MOSCOW, April 8. /TASS/. The Measures for the Further Reduction and Limitation of Strategic Offensive Arms (New START) Treaty between the US and Russia, which is celebrating its 10th anniversary Wednesday, remains the last barrier before a looming, new high-technology arms race.
According to experts interviewed by TASS, the accord’s future after the epidemic will show whether the world will shift gears to search for ways for common security or return back to the Cold War-era logic of rivalry.
The New START deal was signed by Moscow and Washington in 2010. The treaty remains in force until February 5, 2021, unless it is replaced by a new accord. The deal could be extended for 5 years (until 2026), if both sides agree.
According to the treaty, both sides vow to reduce their nuclear weapons to 700 deployed launchers, 1,550 warheads, and 800 total launchers in seven years.
Russia has called for the treaty to be prolonged. Last year, President Vladimir Putin told the Financial Times that, should this treaty dissolve, there will be no tools to curb a new arms race. Moscow has repeatedly accused Washington of postponing this decision.
The United States, on the other hand, insists that new treaties on arms control must include not only Russia and the US, but other nations as well — primarily, China. Washington also wants to include Russia’s newest strategic weapons, unveiled by President Putin in 2018. The Russian Foreign Ministry says that while some of those weapons could be included in the treaty, others will require amending the language.
Back to the 1950s
According to Valery Garbuzov, who heads the Institute of US and Canada Studies at the Russian Academy of Sciences, there is little hope that the treaty will be extended.
"The arms control system that was built back in the 1970s, has been steadily crumbling. Considering Washington’s withdrawal from the Anti-Ballistic Missile Treaty, and the INF treaty, I believe that New START’s dissolution will become the next step that will bring on the total destruction of the entire arms control system," he predicted.
According to the expert, the old weapons that this treaty limited were replaced by new ones and this changed the situation.
"In 2010, these processes were not too evident," Garbuzov noted. "Back then, nobody expected the new technological explosion that had occurred over the last few years. I think, if things had stayed the way they were back then, the treaty would have still been relevant today.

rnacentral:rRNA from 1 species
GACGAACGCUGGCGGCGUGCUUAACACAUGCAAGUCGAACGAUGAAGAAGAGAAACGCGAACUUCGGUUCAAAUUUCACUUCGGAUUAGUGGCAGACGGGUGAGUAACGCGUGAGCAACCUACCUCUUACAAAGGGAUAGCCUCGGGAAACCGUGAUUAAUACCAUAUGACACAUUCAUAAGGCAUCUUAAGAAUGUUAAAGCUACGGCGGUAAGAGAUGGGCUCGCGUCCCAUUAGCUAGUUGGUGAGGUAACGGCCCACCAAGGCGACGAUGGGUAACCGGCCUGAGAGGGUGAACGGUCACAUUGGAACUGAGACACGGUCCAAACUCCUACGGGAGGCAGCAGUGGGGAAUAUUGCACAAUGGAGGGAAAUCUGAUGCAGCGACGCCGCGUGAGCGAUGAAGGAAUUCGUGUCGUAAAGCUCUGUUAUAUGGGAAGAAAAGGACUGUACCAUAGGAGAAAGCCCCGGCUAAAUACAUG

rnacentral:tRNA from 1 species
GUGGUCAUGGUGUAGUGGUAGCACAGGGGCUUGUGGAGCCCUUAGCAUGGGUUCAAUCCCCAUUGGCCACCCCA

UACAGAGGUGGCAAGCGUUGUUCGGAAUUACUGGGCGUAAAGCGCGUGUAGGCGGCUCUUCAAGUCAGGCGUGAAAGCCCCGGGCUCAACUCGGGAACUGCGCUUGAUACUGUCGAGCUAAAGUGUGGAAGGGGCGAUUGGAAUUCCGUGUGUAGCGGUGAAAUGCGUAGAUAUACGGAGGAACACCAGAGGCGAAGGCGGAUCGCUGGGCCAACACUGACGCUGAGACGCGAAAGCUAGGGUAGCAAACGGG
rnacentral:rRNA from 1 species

However, amid this technological leap, governments might opt to stockpile these new weapons first, and only then sit down and talk about limitations.
"Both Trump and a number of other people see this situation not as a time for weapons control, but for weapons creation and fine-tuning. Could this be combined with control? Some people believe this has to be done. However, others believe that this is impossible, arguing that one must first stockpile, replace, and upgrade. Only later will they comprehend the need for limits, but so far this is not the case."
Russia will not lose from this situation, because it has its own new technologies. The situation in general will not be unprecedented, because the world has already seen nuclear weapons without any kind of control agreement, though it was a long time ago, in the 1950s.
Post-plague world prospects
However, not everybody agrees that the New START Treaty is doomed. Andrey Bystritsky, chairman of the Board of the Foundation for Development and Support of the Valdai Discussion Club, believes that the extension of the treaty is possible, although he also believes the deal will be amended.
"It is clear that new weapons have emerged, but this only creates more reason for development of treaties, similar to the New START. I’m not saying it stay the same as now, but it will be a some kind of platform for future talks," he said.
According to Bystritsky, the most important thing for prolonging the treaty is the political will of the sides to establish at least some kind of control over the ongoing turbulent processes. Following the coronavirus epidemic, global aspiration to control the situation, including via bilateral agreements, might actually strengthen.
"After the coronavirus, some kind of de-escalation is possible, which will give politicians more freedom to reach an agreement," he pointed out.
The expert recalled that the 2010 treaty was not merely a set of limits on nuclear weapons, but also a declaration of intentions by Russia and the US to cooperate.
"New START was largely a symbolic treaty. It is important that the accord implied some sort of cooperation and relations. The world is different now, but the desire to arrange things remains," he concluded. "New START is a good example of such an arrangement," he stressed.